Govt should not interfere with working of media: Narendra Modi1 min read . Updated: 17 Nov 2016, 12:21 AM IST
PM Narendra Modi expressed concern over the recent killings of journalists in some parts of the country
New Delhi: Prime Minister Narendra Modi on Wednesday said the government should not interfere with the working of the media. He was addressing the Press Council of India (PCI) on the occasion of National Press Day, which also marked PCI’s 50th anniversary.
“In the words of Mahatma Gandhi, unruly writing can create a big problem. But Gandhi also said that external forces and regulation can cause destruction. Therefore, the thought of external regulation will not work in a progressive society. Freedom of speech and expression is paramount," Modi said.
The Prime Minister also expressed concern over the recent killings of journalists in some parts of the country. “Safety and security of journalists should be a priority for the government," he said.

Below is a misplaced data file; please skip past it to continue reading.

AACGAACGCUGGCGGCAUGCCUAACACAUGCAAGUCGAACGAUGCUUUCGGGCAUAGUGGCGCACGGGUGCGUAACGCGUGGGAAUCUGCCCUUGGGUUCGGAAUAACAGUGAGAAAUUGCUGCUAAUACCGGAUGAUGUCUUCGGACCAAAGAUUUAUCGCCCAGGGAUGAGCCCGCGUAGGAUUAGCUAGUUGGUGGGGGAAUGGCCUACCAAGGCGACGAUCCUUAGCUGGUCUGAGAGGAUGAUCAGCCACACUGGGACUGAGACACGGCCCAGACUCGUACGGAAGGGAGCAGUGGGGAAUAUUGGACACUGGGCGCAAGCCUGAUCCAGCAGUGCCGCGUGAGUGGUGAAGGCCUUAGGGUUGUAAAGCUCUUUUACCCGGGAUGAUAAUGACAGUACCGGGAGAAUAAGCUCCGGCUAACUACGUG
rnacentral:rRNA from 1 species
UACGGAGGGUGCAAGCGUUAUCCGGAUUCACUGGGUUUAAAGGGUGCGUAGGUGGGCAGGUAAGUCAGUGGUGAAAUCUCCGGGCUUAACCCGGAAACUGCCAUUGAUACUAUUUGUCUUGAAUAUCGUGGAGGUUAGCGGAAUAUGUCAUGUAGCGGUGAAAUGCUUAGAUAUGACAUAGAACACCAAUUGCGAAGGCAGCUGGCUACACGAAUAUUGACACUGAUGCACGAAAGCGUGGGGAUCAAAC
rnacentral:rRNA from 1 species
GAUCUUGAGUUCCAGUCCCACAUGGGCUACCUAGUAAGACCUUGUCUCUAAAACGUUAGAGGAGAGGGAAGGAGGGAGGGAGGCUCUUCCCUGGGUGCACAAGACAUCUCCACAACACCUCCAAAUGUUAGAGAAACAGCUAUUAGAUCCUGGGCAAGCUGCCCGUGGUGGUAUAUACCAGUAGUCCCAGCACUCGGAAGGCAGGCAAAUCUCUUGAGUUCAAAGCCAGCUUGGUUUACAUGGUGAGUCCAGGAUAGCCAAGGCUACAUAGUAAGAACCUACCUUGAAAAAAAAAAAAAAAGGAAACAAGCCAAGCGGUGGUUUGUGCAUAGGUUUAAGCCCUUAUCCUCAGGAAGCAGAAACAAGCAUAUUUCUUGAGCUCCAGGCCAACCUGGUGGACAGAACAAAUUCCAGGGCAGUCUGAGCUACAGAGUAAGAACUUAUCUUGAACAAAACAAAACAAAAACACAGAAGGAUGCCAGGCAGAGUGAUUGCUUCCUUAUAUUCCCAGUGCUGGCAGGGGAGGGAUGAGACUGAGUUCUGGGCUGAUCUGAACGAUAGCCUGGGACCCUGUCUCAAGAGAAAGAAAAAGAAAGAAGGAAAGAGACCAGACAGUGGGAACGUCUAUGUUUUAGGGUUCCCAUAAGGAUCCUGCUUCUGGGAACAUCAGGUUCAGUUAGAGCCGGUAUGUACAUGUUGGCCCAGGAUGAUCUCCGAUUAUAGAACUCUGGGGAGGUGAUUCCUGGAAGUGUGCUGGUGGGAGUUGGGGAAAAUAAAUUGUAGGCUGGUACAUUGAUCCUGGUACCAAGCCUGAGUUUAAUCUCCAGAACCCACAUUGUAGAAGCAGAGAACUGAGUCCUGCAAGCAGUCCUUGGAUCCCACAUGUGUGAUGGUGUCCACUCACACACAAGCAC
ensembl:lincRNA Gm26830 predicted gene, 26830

Modi made a case to further strengthen the communication strategy of the government with help from senior members of the press council. “The PCI can help the government to overhaul its communication strategy and plug the loopholes in its communication strategy," Modi said.
He referred to the Emergency, a 21-month period from 1975 to 1977 when Prime Minister Indira Gandhi had a state of emergency declared across the country. “When we had the emergency, the press council was abolished and for about one and a half years, the council remained defunct. In 1978 when Morarji Desai was elected prime minister, the press council was reborn and there was a spirit of generosity towards the media," he recalled.
PCI was set up to preserve the freedom of the press and to maintain and improve the standards of newspapers and news agencies in India.
Modi acknowledged the role of the media in communicating the developmental agenda of the nation by proactively projecting flagship programmes of the government such as Swachh Bharat, which has the potential to bring change in the country.